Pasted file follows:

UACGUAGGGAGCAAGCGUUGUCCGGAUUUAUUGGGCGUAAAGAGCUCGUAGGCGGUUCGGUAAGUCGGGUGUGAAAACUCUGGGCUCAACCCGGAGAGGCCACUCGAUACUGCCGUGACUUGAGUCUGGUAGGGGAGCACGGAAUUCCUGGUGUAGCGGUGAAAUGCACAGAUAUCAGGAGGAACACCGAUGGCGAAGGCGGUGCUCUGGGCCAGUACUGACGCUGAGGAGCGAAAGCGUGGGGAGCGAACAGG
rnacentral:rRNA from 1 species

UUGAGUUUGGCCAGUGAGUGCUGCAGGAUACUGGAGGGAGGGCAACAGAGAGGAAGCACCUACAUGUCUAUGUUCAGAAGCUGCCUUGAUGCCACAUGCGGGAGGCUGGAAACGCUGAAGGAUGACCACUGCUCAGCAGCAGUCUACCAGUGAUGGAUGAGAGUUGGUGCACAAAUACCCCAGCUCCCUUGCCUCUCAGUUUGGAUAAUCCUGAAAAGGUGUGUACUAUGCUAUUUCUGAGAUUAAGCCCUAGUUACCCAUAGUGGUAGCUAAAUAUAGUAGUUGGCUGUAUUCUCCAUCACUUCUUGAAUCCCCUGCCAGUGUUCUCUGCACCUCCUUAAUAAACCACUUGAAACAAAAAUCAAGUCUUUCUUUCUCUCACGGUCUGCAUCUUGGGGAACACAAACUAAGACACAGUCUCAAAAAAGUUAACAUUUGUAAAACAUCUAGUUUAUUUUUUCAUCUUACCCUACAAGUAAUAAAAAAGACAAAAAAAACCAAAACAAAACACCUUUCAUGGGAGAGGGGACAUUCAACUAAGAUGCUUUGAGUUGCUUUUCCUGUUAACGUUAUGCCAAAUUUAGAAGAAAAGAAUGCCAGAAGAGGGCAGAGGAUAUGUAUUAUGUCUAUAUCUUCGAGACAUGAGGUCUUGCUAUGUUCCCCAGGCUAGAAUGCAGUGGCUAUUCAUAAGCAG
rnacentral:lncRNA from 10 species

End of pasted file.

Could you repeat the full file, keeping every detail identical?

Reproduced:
UACGUAGGGAGCAAGCGUUGUCCGGAUUUAUUGGGCGUAAAGAGCUCGUAGGCGGUUCGGUAAGUCGGGUGUGAAAACUCUGGGCUCAACCCGGAGAGGCCACUCGAUACUGCCGUGACUUGAGUCUGGUAGGGGAGCACGGAAUUCCUGGUGUAGCGGUGAAAUGCACAGAUAUCAGGAGGAACACCGAUGGCGAAGGCGGUGCUCUGGGCCAGUACUGACGCUGAGGAGCGAAAGCGUGGGGAGCGAACAGG
rnacentral:rRNA from 1 species

UUGAGUUUGGCCAGUGAGUGCUGCAGGAUACUGGAGGGAGGGCAACAGAGAGGAAGCACCUACAUGUCUAUGUUCAGAAGCUGCCUUGAUGCCACAUGCGGGAGGCUGGAAACGCUGAAGGAUGACCACUGCUCAGCAGCAGUCUACCAGUGAUGGAUGAGAGUUGGUGCACAAAUACCCCAGCUCCCUUGCCUCUCAGUUUGGAUAAUCCUGAAAAGGUGUGUACUAUGCUAUUUCUGAGAUUAAGCCCUAGUUACCCAUAGUGGUAGCUAAAUAUAGUAGUUGGCUGUAUUCUCCAUCACUUCUUGAAUCCCCUGCCAGUGUUCUCUGCACCUCCUUAAUAAACCACUUGAAACAAAAAUCAAGUCUUUCUUUCUCUCACGGUCUGCAUCUUGGGGAACACAAACUAAGACACAGUCUCAAAAAAGUUAACAUUUGUAAAACAUCUAGUUUAUUUUUUCAUCUUACCCUACAAGUAAUAAAAAAGACAAAAAAAACCAAAACAAAACACCUUUCAUGGGAGAGGGGACAUUCAACUAAGAUGCUUUGAGUUGCUUUUCCUGUUAACGUUAUGCCAAAUUUAGAAGAAAAGAAUGCCAGAAGAGGGCAGAGGAUAUGUAUUAUGUCUAUAUCUUCGAGACAUGAGGUCUUGCUAUGUUCCCCAGGCUAGAAUGCAGUGGCUAUUCAUAAGCAG
rnacentral:lncRNA from 10 species